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-Trouble falling asleep or staying asleep-commonly termed insomnia-plagues
one in three American adults. If you suffer from insomnia, it
disturbs your waking hours as well as your sleeping hours, since
you're likely to feel sleepy during the day and have trouble concentrating
on tasks after a poor night's sleep.
-Insomnia afflicts people of all ages, most often just for a night
or two, but sometimes for weeks, months, or even years.
-Understanding insomnia presents an interesting puzzle: It's clear
that trouble sleeping at night can make you sleepy during the
day, but why can't you fall asleep easily at bedtime or sleep
through the night?
-Recent advances in understanding both the day and night components
of insomnia are making it possible for healthcare providers to
help most troubled sleepers.
Types of Insomnia-
Transient insomnia-Transient insomnia is an inability to sleep
well over a period of a few nights. This type of insomnia is usually
brought on by excitement or stress.
Short-term insomnia-Periods of ongoing stress at work or at home
can result in two or three weeks of poor sleep.
Chronic insomnia-More than 35 million Americans complain of chronic
insomnia-poor sleep every night or most nights.
What causes insomnia? What helps?
Insomnia is a symptom of another problem, much like a fever or
a stomachache. It can be caused by any number of things.
Vulnerability to insomnia: Some people seem more likely than others
to experience insomnia during times of stress, just as some people
might tend to have headaches or indigestion. Knowing that the
problem may occur and that it will subside can be helpful in coping
with bouts of poor sleep.
Persistent stress: Problems such as a troubled marriage, a chronically
ill child, or an unrewarding career can often contribute to poor
sleep. People with these problems can be helped by counseling
to gain a new outlook on their continuing troubles and to exert
Psychiatric problems: Insomnia-especially with awakenings earlier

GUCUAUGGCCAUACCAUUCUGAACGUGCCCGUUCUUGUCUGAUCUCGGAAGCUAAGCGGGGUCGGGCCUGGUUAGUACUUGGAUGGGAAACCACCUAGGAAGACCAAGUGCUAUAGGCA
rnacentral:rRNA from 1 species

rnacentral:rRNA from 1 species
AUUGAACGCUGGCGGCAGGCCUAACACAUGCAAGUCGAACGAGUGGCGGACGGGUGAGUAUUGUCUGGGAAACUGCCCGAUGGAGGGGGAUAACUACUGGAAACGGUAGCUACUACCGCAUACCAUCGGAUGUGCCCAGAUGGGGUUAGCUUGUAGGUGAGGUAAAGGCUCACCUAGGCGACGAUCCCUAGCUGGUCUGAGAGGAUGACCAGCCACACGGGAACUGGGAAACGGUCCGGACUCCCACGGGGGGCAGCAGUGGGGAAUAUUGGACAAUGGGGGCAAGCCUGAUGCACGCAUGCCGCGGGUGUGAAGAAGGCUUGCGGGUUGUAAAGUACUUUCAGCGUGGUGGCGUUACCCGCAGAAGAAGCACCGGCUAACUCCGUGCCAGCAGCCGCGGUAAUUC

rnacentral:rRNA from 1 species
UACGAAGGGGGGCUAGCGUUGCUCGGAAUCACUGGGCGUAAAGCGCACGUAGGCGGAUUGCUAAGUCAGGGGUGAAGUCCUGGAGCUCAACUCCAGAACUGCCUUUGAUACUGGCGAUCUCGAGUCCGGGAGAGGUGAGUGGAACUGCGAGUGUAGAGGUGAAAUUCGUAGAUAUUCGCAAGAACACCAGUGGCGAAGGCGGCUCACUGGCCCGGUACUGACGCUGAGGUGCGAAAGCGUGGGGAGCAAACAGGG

than desired-is one of the most common symptoms of depression.
People with anxiety, schizophrenia, and other psychiatric disorders
may also sleep poorly. Treatment of the underlying disorder, often
including both medications and psychotherapy, can help improve
Use of stimulants: The use of caffeine near bedtime, even if it
doesn't interfere with the onset of sleep, can trigger awakenings
later in the night. Nicotine is also a stimulant, and smokers
may take longer to fall asleep than non-smokers. Ingredients of
many common drugs, including nonprescription drugs for weight
loss, asthma, and colds, can interfere with sleep.
Use of alcohol: A nightcap, while it may help induce sleep, is
likely to make sleep more fragile throughout the night.
Erratic hours: Shift workers (those who work nontraditional hours,
such as nights or rotating shifts), along with those who maintain
later hours on weekends than during the week, are likely to experience
sleep problems. Maintaining regular hours can help program the
body to sleep at certain times and to stay awake at others.
Interactive behavior: People whose lifestyles are very quiet or
restricted may find it difficult to sleep at night because of
their inactivity during the day.
Learned insomnia: People who sleep poorly during times of stress
are likely to worry about not being able to function effectively
during the day. They resolve to try harder to sleep at night,
and unfortunately this determined effort makes them more alert
and sets off a new round of worried thoughts